Web Design as a Career

by Joe Gillespie — Mar 1, 2003

I get a lot of mail from people who say they would like to make a career in Web design and want to know the best way to go about it. Unfortunately, the question is usually along the lines of "How can I get a job as a Web designer?"

Where the concept of 'Web design' is fairly easy to define, the term 'Web designer' is a little more nebulous. This month, I'm going to look at some of the many areas encompassed by the general term 'Web designer' just to show how diverse it actually is. If the headings are a bit provocative, don't worry – just read on.

To begin with, let's examine the word 'design'. My dictionary shows that it is both a noun and a verb but it is the verb that we are interested in for now.

Desi'gn (v) – 1. Set apart for a destine or purpose. 2. Contrive, plan, purpose, intend. 3. Make preliminary sketch. 4. Be a designer.

So design is primarily about making something fit for a purpose. The purpose of a Web page is to communicate words or ideas. Sometimes the purpose of that communication is to inform, or it could be to amuse and sometimes it is to sell. The presentation of these various communications can be radically different!

Web designer – someone who doesn't design Web pages!

Let me explain. If you work on your own and create your own Web pages, well yes, you design, build and publish them but in the world of professional Web design, it doesn't work quite like that. Remember, we are talking about making a career out of creating Web sites – doing it professionally.

Let's look at another kind of site – a building site. We don't talk about 'building designers', do we? Buildings are designed by teams of people with lots of different skills – surveyors, planners, architects, structural engineers, interior designers, etc. They are built by 'builders' – teams of bricklayers, carpenters, electricians, plumbers and other specialist tradesmen who get their materials from 'suppliers' and 'builder's merchants'. Then, somewhere in the middle you have teams of managers who liase between the 'clients', 'designers', 'builders' and 'suppliers'.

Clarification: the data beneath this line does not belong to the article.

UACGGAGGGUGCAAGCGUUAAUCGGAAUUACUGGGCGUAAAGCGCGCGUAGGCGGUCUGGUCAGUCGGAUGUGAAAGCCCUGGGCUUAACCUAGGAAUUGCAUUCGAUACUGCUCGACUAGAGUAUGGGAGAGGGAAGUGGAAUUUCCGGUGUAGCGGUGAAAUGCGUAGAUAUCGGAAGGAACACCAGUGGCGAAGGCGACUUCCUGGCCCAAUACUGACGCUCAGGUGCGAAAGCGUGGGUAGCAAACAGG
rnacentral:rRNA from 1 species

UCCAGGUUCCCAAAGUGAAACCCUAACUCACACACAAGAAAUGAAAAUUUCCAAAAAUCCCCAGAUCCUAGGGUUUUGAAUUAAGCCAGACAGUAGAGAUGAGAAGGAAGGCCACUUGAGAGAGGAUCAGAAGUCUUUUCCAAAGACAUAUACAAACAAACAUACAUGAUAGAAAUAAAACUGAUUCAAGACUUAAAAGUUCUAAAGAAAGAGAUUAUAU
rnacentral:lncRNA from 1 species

Professional Web design is very similar to designing and building an office block. It takes teams of people with many different skills.

Using the general term 'Web designer' risks being likened to a 'handyman' – a Jack-of-all-trades, master of none.

The process of creating Web sites is getting more complicated by the day as new technologies emerge and old ones fester in the background, never really disappearing but causing endless legacy problems. This means that you have to have more knowledge and be more specialised in the areas of interest to you. Nobody can know it all! That's why we need teams and team players.

Software Engineer – similar to a quantum mechanic but works with bigger spanners.

The general term 'software engineer' refers to someone skilled in writing software for computers. Their nuts and bolts are noughts and ones and these are screwed into place with something called a 'compiler'.

There are many specialist areas in software engineering from artificial intelligence to robotics, astrophysics to banking. When working with Internet or Web technologies, software engineers are called 'Web developers'.

Software engineering is a fast-changing world as new technologies come and go and you have to run just to stand still!

Web Developer – like a photo-lab assistant, but doesn't get his fingers wet!

Web developers are software engineers who specialise in writing software for Web technologies. There are different levels of involvement going from relatively simple scripting using JavaScript, Perl or PHP to more complex application development using C++ or Java. Confusingly, the complicated stuff is referred to 'low-level' programming and the simpler stuff is called 'high-level' programming.

Like any kind of software development, it requires a logical mind, a good grasp of math, and for a decent job, a good university degree. It's a very competitive business.

Graphic Designer – tries to make Web pages look the same in every browser!

On the Web, a graphic designer is responsible for the visual presentation of the content.

Graphic designers manipulate visual imagery in the interests of communication. If they have learned their skills purely in the more traditional areas of 'print', they usually try to force the same doctrines on the Web – but it just doesn't work. It's like trying to do an etching with a paintbrush – it's a different medium and requires a different mind-set.

Web pages are based on HTML, and the 'T' stands for Text. Graphic imagery is secondary to words in this medium – that was the original intention anyway but that's all going to change.

Once you have accepted that it is a different medium, there are still huge possibilities in presenting the 'text' in ways that communicate at subliminal levels and greatly enhance the meaning of the words and the reader's attitude to it.

A good graphic design course concentrates on communication, not on the mechanics of how to use Photoshop or Flash. The principles behind good visual communication are 'medium agnostic' and Web design, as we understand it now, won't be around for all that long. Today's relatively low-bandwidth, text-based Web pages will give way to all-singing, all-dancing multimedia extravaganzas in the not too distant future so, think to that future, whatever it holds!

Web Typographer – someone who chooses the color for the page's Verdana!